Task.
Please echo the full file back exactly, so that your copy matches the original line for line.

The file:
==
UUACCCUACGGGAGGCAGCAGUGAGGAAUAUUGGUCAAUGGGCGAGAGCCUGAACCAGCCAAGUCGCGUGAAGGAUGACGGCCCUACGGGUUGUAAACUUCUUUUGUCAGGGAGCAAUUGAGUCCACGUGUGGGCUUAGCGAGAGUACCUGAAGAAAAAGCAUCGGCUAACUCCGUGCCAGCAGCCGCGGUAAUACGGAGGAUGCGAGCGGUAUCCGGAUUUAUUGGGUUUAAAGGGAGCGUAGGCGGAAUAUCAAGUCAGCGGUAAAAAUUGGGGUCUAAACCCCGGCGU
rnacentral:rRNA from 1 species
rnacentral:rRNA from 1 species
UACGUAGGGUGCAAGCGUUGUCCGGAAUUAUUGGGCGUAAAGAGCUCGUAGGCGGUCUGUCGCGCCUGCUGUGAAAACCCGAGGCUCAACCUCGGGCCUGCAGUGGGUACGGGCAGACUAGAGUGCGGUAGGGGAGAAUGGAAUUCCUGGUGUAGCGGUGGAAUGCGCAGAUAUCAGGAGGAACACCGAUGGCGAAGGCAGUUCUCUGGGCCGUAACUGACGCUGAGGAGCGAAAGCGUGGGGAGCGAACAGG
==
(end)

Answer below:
UUACCCUACGGGAGGCAGCAGUGAGGAAUAUUGGUCAAUGGGCGAGAGCCUGAACCAGCCAAGUCGCGUGAAGGAUGACGGCCCUACGGGUUGUAAACUUCUUUUGUCAGGGAGCAAUUGAGUCCACGUGUGGGCUUAGCGAGAGUACCUGAAGAAAAAGCAUCGGCUAACUCCGUGCCAGCAGCCGCGGUAAUACGGAGGAUGCGAGCGGUAUCCGGAUUUAUUGGGUUUAAAGGGAGCGUAGGCGGAAUAUCAAGUCAGCGGUAAAAAUUGGGGUCUAAACCCCGGCGU
rnacentral:rRNA from 1 species
rnacentral:rRNA from 1 species
UACGUAGGGUGCAAGCGUUGUCCGGAAUUAUUGGGCGUAAAGAGCUCGUAGGCGGUCUGUCGCGCCUGCUGUGAAAACCCGAGGCUCAACCUCGGGCCUGCAGUGGGUACGGGCAGACUAGAGUGCGGUAGGGGAGAAUGGAAUUCCUGGUGUAGCGGUGGAAUGCGCAGAUAUCAGGAGGAACACCGAUGGCGAAGGCAGUUCUCUGGGCCGUAACUGACGCUGAGGAGCGAAAGCGUGGGGAGCGAACAGG